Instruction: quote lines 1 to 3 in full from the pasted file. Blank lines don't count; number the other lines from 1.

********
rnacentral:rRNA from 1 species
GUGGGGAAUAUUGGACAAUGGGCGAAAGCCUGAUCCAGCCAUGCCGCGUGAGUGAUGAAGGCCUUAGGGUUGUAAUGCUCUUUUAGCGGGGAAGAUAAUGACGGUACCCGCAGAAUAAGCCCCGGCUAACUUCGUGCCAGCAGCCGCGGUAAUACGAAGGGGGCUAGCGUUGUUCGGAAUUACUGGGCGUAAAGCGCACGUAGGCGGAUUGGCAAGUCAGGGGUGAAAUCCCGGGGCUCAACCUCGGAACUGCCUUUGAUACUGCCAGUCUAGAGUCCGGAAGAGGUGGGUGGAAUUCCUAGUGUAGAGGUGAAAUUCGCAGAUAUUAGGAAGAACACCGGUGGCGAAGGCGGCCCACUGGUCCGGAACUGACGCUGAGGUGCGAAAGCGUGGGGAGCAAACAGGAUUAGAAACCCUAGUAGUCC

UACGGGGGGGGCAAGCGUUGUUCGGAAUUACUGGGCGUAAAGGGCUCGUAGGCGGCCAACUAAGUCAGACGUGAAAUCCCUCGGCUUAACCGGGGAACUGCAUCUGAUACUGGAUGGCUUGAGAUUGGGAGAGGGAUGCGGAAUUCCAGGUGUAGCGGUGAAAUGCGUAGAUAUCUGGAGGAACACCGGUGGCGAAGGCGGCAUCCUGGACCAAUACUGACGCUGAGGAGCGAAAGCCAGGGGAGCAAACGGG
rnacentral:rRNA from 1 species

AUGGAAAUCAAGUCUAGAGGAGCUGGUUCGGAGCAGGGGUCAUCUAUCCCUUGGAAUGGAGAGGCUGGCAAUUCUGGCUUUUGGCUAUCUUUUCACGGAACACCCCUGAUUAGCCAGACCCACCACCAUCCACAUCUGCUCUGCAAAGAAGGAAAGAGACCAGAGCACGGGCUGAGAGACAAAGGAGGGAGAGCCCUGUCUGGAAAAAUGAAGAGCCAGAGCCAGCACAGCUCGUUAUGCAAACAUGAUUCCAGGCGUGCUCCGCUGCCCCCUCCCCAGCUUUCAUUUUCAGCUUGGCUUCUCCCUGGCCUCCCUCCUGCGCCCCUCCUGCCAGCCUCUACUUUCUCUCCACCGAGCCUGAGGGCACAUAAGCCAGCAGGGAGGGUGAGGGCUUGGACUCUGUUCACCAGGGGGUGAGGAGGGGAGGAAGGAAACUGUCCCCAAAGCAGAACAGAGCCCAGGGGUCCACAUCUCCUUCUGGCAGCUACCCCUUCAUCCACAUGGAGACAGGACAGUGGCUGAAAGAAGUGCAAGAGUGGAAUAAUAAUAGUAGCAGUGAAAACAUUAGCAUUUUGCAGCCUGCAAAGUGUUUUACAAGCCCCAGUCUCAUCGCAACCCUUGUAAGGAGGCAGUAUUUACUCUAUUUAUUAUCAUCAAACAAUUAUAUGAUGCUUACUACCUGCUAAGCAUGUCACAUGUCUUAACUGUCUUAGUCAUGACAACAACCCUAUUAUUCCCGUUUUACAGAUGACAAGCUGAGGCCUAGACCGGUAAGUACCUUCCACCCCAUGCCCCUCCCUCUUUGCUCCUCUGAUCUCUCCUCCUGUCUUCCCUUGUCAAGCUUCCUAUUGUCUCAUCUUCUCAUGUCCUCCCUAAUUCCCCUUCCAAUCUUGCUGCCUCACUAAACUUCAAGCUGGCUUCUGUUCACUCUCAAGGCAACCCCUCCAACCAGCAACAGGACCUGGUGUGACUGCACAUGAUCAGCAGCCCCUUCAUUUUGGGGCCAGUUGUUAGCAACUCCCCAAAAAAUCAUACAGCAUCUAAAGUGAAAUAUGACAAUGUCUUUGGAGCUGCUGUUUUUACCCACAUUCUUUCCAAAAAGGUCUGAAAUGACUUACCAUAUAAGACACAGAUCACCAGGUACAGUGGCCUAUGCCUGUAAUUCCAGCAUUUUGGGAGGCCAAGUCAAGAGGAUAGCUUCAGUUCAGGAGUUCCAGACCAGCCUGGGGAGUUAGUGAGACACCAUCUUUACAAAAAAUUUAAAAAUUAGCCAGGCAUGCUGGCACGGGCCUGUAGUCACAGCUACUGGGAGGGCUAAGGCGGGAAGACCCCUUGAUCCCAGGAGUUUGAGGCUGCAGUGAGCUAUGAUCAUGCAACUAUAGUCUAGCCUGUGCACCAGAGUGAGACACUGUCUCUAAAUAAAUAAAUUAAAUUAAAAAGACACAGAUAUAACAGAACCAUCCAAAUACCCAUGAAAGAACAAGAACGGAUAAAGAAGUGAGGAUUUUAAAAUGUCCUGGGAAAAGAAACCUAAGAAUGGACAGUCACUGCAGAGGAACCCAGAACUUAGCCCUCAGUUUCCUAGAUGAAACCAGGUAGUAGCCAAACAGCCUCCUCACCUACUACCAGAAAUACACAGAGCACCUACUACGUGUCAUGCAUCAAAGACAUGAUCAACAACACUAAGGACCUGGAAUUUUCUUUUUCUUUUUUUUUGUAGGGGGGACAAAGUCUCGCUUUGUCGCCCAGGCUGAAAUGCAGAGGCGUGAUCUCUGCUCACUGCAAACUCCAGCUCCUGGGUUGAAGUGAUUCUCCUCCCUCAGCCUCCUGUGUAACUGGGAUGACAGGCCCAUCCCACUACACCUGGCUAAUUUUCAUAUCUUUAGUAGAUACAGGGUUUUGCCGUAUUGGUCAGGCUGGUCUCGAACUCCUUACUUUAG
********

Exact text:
rnacentral:rRNA from 1 species
GUGGGGAAUAUUGGACAAUGGGCGAAAGCCUGAUCCAGCCAUGCCGCGUGAGUGAUGAAGGCCUUAGGGUUGUAAUGCUCUUUUAGCGGGGAAGAUAAUGACGGUACCCGCAGAAUAAGCCCCGGCUAACUUCGUGCCAGCAGCCGCGGUAAUACGAAGGGGGCUAGCGUUGUUCGGAAUUACUGGGCGUAAAGCGCACGUAGGCGGAUUGGCAAGUCAGGGGUGAAAUCCCGGGGCUCAACCUCGGAACUGCCUUUGAUACUGCCAGUCUAGAGUCCGGAAGAGGUGGGUGGAAUUCCUAGUGUAGAGGUGAAAUUCGCAGAUAUUAGGAAGAACACCGGUGGCGAAGGCGGCCCACUGGUCCGGAACUGACGCUGAGGUGCGAAAGCGUGGGGAGCAAACAGGAUUAGAAACCCUAGUAGUCC

UACGGGGGGGGCAAGCGUUGUUCGGAAUUACUGGGCGUAAAGGGCUCGUAGGCGGCCAACUAAGUCAGACGUGAAAUCCCUCGGCUUAACCGGGGAACUGCAUCUGAUACUGGAUGGCUUGAGAUUGGGAGAGGGAUGCGGAAUUCCAGGUGUAGCGGUGAAAUGCGUAGAUAUCUGGAGGAACACCGGUGGCGAAGGCGGCAUCCUGGACCAAUACUGACGCUGAGGAGCGAAAGCCAGGGGAGCAAACGGG